Somebody had better take Vinny Testaverde's temperature. He's burning up. Why, he's already caught fire. Testaverde is showing all the symptoms of becoming a great NFL quarterback. That was the terrific thing about the Buccaneers' quarterback starting Sunday's game against Green Bay with a fever. Everybody got to catch it.
Shaking off a virus, an inner-ear infection and his detractors, Testaverde completed 22 of 25 passes for 363 yards and two touchdowns while running for another score to lead the Bucs to a 31-3 belly-laugher over the Green Bay Packers before 50,051 at Tampa Stadium. The victory gave Tampa Bay a 2-0 record for the first time since 1980 and sole possession of first place as the only unbeaten team in the NFC Central.
And to think, Testaverde woke up feeling so crummy Sunday morning that he needed Gatorade, intravenous fluids and Sudafed tablets in the locker room before the kickoff to perk up enough to play against the Packers.
"This is just such a satisfying win for a guy we've all been looking closely at," Bucs coach Sam Wyche said of Testaverde. "Let's face it, the guy's been under the microscope. Every little thing. There is a faction that was hoping he'd have a couple incompletions early so that they could prove themselves right in all their barroom talk. And the guy has just come through and played well."
Testaverde played so well that he had Bucs fans rubbing their eyes and reporters thumbing through the record books.
Even Bucs receivers were fighting among themselves to stay in the lineup.
"How hot was Vinny? I know as receivers, the four guys we have were fighting to get in the game," said Mark Carrier, who led eight Bucs receivers with seven catches for 115 yards and a touchdown while teammate Lawrence Dawsey added five for 107.
In fact, so efficient were Testaverde's throws that at one point he actually was ahead of the NFL record for completion percentage by connecting on 21 of his first 23 passes, seemingly eclipsing the NFL record of 20-for-22 held by former Cincinnati quarterback Kenny Anderson since 1974.
But Testaverde's next attempt downfield to Courtney Hawkins fell incomplete when the rookie wideout tripped after tangling with Packers cornerback Lewis Billups. Still, Testaverde finished the game by completing 88 percent of his passes, which ranks fourth all-time.
"I messed him up right there," Wyche said. "I actually knew - I hate to even admit this - I knew that he'd set an NFL record for the highest percentage of completions in the history of the game. He broke Kenny Anderson's record, and nothing would please me more than to break Kenny Anderson's record. He's a close friend of mine. But we had a chance to go deep on what we thought was about blitz time. We called a blitz pass, and that was the one that Courtney Hawkins was tripped up. I think you could've argued it might have been called interference."
Wyche apologized to Testaverde after he retired to the bench with 8:15 left in the game.
"Actually, after it was done, after the end result was final, he told me, `I've got good news, and I've got bad news,' " Testaverde said of Wyche. " `The good news is you played great. But the bad news is, we just missed having the record by one completion.' But that doesn't really matter. The important thing is we won."
It was also important how the Bucs won.
Tampa Bay did it by rolling up 395 yards of offense while its defense held the Packers to 215. The Bucs sacked Green Bay quarterbacks Don Majkowski and Brett Favre a collective six times - including two each by Ray Seals and rookie Santana Dotson.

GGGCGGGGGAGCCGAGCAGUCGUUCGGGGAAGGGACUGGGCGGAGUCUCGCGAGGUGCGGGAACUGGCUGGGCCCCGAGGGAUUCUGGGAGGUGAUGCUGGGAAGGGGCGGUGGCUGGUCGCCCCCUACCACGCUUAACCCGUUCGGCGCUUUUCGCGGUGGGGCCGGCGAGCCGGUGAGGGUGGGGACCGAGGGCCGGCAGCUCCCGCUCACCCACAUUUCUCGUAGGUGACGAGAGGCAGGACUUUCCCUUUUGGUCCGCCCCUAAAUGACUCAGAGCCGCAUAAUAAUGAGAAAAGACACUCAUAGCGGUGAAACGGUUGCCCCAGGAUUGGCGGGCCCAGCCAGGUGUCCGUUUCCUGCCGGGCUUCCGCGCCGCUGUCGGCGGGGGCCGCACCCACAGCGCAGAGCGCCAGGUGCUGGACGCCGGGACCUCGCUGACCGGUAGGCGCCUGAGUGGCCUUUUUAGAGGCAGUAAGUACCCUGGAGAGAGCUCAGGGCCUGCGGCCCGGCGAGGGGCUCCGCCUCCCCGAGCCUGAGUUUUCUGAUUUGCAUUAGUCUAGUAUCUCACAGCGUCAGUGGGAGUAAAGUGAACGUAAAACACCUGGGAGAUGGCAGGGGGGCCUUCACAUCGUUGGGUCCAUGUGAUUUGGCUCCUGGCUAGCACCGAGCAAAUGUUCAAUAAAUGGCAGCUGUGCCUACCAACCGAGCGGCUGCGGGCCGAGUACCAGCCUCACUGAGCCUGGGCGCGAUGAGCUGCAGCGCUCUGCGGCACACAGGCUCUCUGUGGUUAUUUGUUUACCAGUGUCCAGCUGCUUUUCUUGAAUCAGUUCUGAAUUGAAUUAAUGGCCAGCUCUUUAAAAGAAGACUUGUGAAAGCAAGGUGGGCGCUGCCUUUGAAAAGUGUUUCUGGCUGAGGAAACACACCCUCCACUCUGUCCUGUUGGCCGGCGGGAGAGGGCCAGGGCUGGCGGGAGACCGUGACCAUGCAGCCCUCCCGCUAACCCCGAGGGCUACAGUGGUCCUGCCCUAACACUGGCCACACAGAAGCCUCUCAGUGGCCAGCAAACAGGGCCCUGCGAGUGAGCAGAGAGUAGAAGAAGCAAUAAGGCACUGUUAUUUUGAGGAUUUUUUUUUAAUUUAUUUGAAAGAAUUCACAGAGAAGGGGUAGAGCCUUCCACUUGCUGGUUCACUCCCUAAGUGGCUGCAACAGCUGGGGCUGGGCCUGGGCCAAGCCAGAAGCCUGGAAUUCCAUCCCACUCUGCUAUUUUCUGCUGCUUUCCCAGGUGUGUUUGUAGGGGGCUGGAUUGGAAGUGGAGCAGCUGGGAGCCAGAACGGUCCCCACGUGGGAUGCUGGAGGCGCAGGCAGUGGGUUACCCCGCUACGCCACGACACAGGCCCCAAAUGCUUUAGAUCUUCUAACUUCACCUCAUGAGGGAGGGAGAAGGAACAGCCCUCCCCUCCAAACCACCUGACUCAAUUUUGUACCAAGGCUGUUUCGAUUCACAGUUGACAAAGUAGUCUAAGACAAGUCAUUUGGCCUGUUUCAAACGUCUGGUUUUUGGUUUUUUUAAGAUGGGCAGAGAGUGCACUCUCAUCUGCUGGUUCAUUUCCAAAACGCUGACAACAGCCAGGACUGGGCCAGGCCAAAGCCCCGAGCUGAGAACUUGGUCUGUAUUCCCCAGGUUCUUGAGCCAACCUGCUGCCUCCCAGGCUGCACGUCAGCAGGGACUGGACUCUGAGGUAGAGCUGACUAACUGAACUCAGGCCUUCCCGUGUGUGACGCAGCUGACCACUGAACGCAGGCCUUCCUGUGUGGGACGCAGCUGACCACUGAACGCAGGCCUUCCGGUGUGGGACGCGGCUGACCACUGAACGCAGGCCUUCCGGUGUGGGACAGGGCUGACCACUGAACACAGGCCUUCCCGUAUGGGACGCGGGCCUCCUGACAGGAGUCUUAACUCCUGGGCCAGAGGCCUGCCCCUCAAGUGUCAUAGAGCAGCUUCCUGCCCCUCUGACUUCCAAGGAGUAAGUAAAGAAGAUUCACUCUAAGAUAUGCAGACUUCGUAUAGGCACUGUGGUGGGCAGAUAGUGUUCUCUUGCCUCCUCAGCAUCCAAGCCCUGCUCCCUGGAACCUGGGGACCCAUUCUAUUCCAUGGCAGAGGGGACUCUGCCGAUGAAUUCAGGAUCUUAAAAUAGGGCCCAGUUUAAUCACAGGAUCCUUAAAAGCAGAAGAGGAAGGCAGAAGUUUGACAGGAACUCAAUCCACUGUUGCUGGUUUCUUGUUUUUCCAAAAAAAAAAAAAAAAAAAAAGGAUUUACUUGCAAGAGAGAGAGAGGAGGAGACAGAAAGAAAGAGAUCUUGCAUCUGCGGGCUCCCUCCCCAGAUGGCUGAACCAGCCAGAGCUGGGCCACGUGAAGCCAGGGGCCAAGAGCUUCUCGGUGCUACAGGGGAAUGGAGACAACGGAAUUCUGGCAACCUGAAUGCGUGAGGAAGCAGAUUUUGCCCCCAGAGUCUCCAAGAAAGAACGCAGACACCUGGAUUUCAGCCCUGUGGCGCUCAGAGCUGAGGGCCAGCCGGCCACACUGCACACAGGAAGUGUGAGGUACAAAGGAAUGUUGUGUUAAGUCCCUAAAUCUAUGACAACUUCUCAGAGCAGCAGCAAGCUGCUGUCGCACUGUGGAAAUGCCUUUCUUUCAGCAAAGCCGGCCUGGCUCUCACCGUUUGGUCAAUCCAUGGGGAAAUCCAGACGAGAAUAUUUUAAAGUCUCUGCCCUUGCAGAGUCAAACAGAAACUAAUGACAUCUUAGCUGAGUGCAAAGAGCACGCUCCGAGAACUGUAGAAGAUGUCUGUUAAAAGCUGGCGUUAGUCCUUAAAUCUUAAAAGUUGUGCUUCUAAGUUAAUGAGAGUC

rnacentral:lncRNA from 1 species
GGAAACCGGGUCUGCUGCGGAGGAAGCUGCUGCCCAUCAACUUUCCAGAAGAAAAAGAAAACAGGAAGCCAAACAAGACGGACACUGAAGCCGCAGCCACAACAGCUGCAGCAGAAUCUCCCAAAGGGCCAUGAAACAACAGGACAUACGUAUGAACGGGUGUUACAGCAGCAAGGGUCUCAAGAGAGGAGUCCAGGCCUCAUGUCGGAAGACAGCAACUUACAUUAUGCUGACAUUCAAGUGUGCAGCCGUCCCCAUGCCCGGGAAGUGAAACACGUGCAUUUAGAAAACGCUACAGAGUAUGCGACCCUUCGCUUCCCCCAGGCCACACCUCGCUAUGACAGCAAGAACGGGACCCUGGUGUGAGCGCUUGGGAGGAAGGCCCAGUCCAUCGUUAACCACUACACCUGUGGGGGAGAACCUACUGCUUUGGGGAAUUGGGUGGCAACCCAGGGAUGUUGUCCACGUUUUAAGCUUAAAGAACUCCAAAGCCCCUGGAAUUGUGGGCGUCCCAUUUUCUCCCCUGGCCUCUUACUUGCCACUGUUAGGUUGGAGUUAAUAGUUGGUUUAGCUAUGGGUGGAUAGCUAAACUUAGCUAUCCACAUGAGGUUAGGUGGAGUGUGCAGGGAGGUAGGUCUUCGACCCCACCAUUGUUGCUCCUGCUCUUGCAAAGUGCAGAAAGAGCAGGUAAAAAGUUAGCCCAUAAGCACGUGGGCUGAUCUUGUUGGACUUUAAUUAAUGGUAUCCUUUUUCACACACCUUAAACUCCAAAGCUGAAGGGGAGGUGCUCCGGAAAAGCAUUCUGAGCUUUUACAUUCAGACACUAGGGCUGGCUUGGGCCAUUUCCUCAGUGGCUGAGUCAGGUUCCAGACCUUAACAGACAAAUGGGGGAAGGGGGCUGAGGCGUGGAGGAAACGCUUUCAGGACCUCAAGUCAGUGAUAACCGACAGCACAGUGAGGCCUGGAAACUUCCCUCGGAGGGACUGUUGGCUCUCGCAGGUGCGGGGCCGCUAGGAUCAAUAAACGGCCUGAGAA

In fact, it was the Bucs' defense that lit up the scoreboard first.
Despite beginning the game with nine straight completions - four in a row on the first drive alone - Testaverde needed help from the Bucs' defense after running back Stanford Jennings lost a fumble at the Packers' 5-yard line. But defensive back Ricky Reynolds saved the day and sparked the rout by stripping Green Bay running back Harry Sydney of the football after he caught a short screen pass and running 15 yards with the fumble for a touchdown.
It was the first score by the Bucs' defense since 1989, when cornerback Wayne Haddix returned an interception of San Francisco quarterback Joe Montana for a TD.
"(Sydney) was coming up through the hole. I hit him from the side and went for the ball, because I knew he'd get tackled," Reynolds said. "I made the strip, the ball bounced out, I picked it up and took it in for a touchdown. That's how our defense is supposed to attack."
The Bucs attacked Majkowski with such regularity that new head coach Mike Holmgren gave his starter the hook at halftime after Majkowski went 10-for-15 for 75 yards and was intercepted by safety Darrell Fullington. Favre didn't fare much better, going 8-of-14 for 73 yards, four sacks and another interception. Favre's first NFL completion was to himself. He was 0-for-5 as a rookie with Atlanta last year and was traded for a first-round pick in February. His first regular-season pass as a Packer was deflected back into his hands by Seals.
Majkowski wasn't amused by his benching. "He said he wanted to experiment," Majkowski said. "I didn't agree with it. I'm obviously not happy about it. I didn't think he was the kind of coach that would have an early hook. I've come back from more than 17 points down in the second half. I'm angry."
Was that Testaverde who actually offered soothing words to Majkowski after the game? "I told him to keep his head up," Testaverde said, "to stay focused."
Of course, just a few hours earlier, Testaverde couldn't focus on anything. He had tubes in his arm. Somebody must have given him a Super Bowl I.V. "I don't know what he took, but I'm sure they're illegal," Wyche said. "I'm sure we're going to get fined over this. We know there's now a warrant out for everything we do."
Rick Stroud, The St.Petersburg Times 1992